Kent County Council created a commission to review social mobility in Grammar Schools. The commission’s draft report has now been published and shows the extent of the problem with Kent’s divided schools, it can be read in full here.
While we welcome KCC’s recognition of the unacceptable social divide in Kent secondary schools, we do not believe the Commission’s draft report goes anywhere near solving the problem.
The issue is clear. On average, disadvantaged pupils make up 27 per cent of the total number on roll in non-selective schools, while the equivalent figure in grammar schools is six percent. The fact that a Commission was needed to examine the problem itself disproves the myth that a selective system improves social mobility. The report is a refreshingly honest at-
tempt to examine the problem, and we agree with its conclusion that: “current access to (grammar) schools is not solely based on academic ability but is impacted by family income.”
While recognising that family wealth determines the future of most of our children, the Commission admits that it can only make suggestions, lacking as it does the power to impose any meaningful solutions. Furthermore, in the unlikely event that all 16 of the Commission’s recommendations were to be adopted, there would be only a slight increase in the number of disadvantaged children going to grammar schools.
The Commission does not face up to the problem of widespread coaching: while independent schools are permitted to train children in taking the Test, coaching is forbidden in state schools, and recent attempts to make it “un-coachable” appear to have failed.
In the meantime, as the government pursues plans to turn schools into academies, the county council is losing its powers to enforce anything on schools whatsoever. Ultimately, KCC’s only power will rest in the administration of the Kent Test.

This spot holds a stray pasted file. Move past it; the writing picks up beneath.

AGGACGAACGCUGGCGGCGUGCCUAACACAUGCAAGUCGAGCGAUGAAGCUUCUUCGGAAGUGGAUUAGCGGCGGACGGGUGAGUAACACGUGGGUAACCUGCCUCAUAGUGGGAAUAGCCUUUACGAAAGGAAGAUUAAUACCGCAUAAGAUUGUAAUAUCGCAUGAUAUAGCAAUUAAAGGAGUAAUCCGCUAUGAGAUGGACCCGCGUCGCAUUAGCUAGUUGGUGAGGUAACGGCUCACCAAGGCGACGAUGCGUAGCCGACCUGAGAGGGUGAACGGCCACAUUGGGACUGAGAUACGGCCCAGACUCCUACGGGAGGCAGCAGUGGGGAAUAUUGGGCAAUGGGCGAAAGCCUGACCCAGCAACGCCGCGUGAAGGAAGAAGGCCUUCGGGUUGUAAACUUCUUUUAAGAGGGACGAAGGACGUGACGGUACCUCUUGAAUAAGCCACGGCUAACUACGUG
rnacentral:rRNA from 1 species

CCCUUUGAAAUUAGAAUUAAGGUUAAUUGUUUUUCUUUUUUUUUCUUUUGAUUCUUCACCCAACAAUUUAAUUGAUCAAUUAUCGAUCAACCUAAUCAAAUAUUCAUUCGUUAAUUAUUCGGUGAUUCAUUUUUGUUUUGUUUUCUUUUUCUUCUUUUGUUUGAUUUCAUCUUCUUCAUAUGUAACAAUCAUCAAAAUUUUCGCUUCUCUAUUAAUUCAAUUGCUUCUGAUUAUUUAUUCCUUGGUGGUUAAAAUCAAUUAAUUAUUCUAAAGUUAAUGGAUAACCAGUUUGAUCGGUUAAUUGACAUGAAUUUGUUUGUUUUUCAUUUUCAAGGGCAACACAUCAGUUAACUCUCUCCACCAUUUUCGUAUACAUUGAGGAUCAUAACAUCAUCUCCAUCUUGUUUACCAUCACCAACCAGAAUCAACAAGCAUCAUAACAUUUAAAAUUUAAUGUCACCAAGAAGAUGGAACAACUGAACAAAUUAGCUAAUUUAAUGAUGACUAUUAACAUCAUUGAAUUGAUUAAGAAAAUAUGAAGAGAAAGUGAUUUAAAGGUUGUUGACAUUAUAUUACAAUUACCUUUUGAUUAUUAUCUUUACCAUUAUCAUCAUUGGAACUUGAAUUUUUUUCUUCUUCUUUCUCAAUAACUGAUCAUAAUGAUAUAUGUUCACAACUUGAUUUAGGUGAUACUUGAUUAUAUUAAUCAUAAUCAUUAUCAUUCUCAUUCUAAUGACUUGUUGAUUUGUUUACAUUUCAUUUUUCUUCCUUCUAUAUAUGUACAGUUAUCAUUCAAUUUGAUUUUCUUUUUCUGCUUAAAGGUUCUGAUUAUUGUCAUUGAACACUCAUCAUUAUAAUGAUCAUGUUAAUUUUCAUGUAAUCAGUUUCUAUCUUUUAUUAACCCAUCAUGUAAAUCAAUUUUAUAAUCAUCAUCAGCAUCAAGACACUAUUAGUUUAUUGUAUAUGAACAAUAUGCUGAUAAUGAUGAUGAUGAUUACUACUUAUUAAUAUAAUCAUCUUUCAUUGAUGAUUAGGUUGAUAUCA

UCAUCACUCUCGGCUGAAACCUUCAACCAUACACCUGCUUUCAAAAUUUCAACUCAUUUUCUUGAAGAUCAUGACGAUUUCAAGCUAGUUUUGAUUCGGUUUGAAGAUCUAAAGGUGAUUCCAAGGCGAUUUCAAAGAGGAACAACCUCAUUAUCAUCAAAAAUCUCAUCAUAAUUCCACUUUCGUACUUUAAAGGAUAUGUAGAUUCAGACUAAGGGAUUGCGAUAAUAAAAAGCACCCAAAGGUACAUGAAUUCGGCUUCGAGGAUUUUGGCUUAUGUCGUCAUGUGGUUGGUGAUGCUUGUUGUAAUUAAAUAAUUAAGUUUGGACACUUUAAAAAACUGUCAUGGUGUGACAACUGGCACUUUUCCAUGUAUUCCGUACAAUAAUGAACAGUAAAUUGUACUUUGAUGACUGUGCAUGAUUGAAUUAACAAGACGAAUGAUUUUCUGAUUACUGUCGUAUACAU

Kent grammar schools educate 28 per cent of all secondary school pupils, but only 21 per cent are awarded a place based on a pass mark in the Kent Test. The other seven percent are nominated by head teachers as “suitable for grammar school” despite their fail mark, or by parents appealing a result. The judgement of grammar school ability is clearly not a sci-
entific process, and nor is it open and accountable.
The commission did not look at how many disadvantaged children reach grammar school via the Head Teacher Assessment panel. We feel it is fundamentally unfair that some children who fail the test get a “second chance” while others do not. Some primary schools routinely recommend 90 per cent of their “failed” pupils for a result reassessment, while others recommend no children at all. The Head Teacher Assessment process only highlights the inadequacies of the Test itself. It costs KCC £348,000 a year to commission the Test, but they choose to select seven per cent of grammar school children another way.
Kent Education Network submitted detailed evidence to the Commission, including an assessment of the science and history of intelligence testing by Dr Michael Collins, our head of research. The evidence defined the problem of accurately dividing children of primary school age; it stated: “If Britain is to compete educationally and economically with the rest of the world, we must end this outdated selection process based on an arbitrary designation of “intelligence” at 11.”
Dr.Collins says, “Most counties in England, and countries in Europe, have long rejected this model as a discriminatory form of social engineering. The reason why many Kent schools fail is because they must compete with selective grammar schools, reducing the average success rate of students overall.” In Kent students are less likely to achieve three A levels than children of other counties, and 55 per cent of our poorest pupils get GCSE results in the bottom 20 per cent nationally.
We now hope Kent County Council will take the next step and consider the impact our school system has on disadvantaged children in Kent’s non-selective schools. A wider debate on the Kent Test is needed – the harm it causes social mobility is not only reserved to grammar schools. Kent has more schools failing to reach government targets than any other county. The children of Kent are depending on action being taken.
Kent Education Network’s evidence to the Commission may be read here: EVIDENCE TO SELECT COMMITTEE ON GRAMMAR SCHOOLS FEB 2016